Annona glabra

Pond-apple, Custard-apple

Annonaceae

Plant Specifics

Form:Tree
Life Span:Long-lived perennial
Flower Color:White,yellow
Fruit Color:Green
Phenology:Deciduous
Noted for:Showy flowers, Interesting foliage, Hurricane wind resistance

Landscaping

Recommended Uses:Specimen plant or mass planting in wet soils.
Considerations:Fruit litter may be a problem in in small landscapes.
Propagation:Seed, grafting.
Availability:Friends, Native nurseries, FNPS plant sales
Light: Full Sun,  Part Shade,  Shade
Moisture Tolerance:
always floodedextremely dry
 (Aquatic ----- to ----- Usually moist, occasional inundation)
Moisture Tolerance: Aquatic ----- to ----- Usually moist, occasional inundation
Salt Water Flooding Tolerance:Tolerant of frequent or regular inundation (usually areas with tidal inundation)
Salt Spray/ Salty Soil Tolerance:High. Can tolerate significant and ongoing amounts of salty wind and salt spray without injury.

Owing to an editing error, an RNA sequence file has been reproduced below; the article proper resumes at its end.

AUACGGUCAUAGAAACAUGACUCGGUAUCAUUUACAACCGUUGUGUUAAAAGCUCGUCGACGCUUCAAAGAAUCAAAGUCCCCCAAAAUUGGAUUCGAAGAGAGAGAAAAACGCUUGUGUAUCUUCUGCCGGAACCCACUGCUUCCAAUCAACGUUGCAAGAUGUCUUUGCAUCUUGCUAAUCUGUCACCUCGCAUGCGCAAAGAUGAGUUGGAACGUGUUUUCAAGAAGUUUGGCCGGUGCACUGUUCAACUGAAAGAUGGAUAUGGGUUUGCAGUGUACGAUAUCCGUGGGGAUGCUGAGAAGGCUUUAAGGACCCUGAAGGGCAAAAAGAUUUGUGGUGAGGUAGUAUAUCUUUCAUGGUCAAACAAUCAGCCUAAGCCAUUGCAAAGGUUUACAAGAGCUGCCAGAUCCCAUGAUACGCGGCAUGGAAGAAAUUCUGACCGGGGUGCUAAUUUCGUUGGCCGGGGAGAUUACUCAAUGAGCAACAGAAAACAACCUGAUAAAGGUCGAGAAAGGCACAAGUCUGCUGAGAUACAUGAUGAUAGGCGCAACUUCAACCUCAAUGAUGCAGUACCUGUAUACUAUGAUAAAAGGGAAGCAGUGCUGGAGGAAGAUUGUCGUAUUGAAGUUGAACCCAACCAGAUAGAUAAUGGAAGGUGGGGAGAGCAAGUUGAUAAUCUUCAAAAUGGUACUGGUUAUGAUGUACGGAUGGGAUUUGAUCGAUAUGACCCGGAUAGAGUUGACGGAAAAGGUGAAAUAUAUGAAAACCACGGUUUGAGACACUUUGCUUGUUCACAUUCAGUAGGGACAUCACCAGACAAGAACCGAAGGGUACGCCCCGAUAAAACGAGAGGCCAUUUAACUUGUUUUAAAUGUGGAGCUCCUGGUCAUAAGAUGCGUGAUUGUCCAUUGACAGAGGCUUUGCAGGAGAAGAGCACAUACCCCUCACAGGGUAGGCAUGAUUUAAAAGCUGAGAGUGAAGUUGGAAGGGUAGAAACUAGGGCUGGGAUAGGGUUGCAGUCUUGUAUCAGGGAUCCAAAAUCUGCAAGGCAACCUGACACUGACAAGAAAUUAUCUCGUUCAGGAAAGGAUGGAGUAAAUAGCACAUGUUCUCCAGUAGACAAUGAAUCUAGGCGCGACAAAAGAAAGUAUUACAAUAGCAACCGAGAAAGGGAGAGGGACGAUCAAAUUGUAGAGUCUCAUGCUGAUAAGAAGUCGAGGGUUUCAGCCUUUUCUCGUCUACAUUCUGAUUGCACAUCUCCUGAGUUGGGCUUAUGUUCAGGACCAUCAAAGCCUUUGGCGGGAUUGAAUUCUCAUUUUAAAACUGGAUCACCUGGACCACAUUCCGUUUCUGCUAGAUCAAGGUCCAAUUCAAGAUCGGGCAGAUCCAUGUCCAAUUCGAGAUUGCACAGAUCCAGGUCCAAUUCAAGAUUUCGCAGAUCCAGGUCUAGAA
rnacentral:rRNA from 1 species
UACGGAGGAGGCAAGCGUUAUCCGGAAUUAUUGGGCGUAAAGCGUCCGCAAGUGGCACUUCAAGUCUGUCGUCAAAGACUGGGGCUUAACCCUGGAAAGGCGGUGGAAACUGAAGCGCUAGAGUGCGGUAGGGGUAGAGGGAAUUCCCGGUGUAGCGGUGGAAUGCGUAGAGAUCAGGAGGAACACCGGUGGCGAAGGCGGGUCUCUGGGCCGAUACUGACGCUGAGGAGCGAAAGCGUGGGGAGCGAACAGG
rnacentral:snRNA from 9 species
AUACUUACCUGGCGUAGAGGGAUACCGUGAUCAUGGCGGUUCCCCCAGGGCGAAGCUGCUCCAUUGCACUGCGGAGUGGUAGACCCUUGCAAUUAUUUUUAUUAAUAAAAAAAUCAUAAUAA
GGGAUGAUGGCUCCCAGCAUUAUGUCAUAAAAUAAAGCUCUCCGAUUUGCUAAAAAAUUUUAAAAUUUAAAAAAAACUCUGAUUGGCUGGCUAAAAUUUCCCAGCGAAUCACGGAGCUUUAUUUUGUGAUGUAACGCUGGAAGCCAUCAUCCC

Soil or other substrate:Loam, Organic material (muck), Sand
Soil pH:Neutral to somewhat calcareous

Ecology

Wildlife:
  

Bird nesting area and food source. 

Insects:
  

Larval food source for Giant sphinx (Cocytius antaeus). Pollinated by beetles.

Native Habitats:Swamps and sloughs

Distribution and Planting Zones

Natural Range in Florida
USDA Zones

Suitable to grow in:
10A 10B 11 

USDA zones are based on minimum winter temperatures

Comments

Ethnobotany:The Seminole Indians used this plant to make a cleaning product and as a food source (fruits). Seeds are said to be toxic. The fruits have been used to make jelly and custard. Major pond apple forests along the southern rim of Lake Okeechobee were destroyed for agriculture early in the 20th century.
General Comments:In Australia, pond apple is a Weed of National Significance. It is regarded as one of the worst weeds in Australia because of invasiveness, potential for spread, and economic and environmental impacts.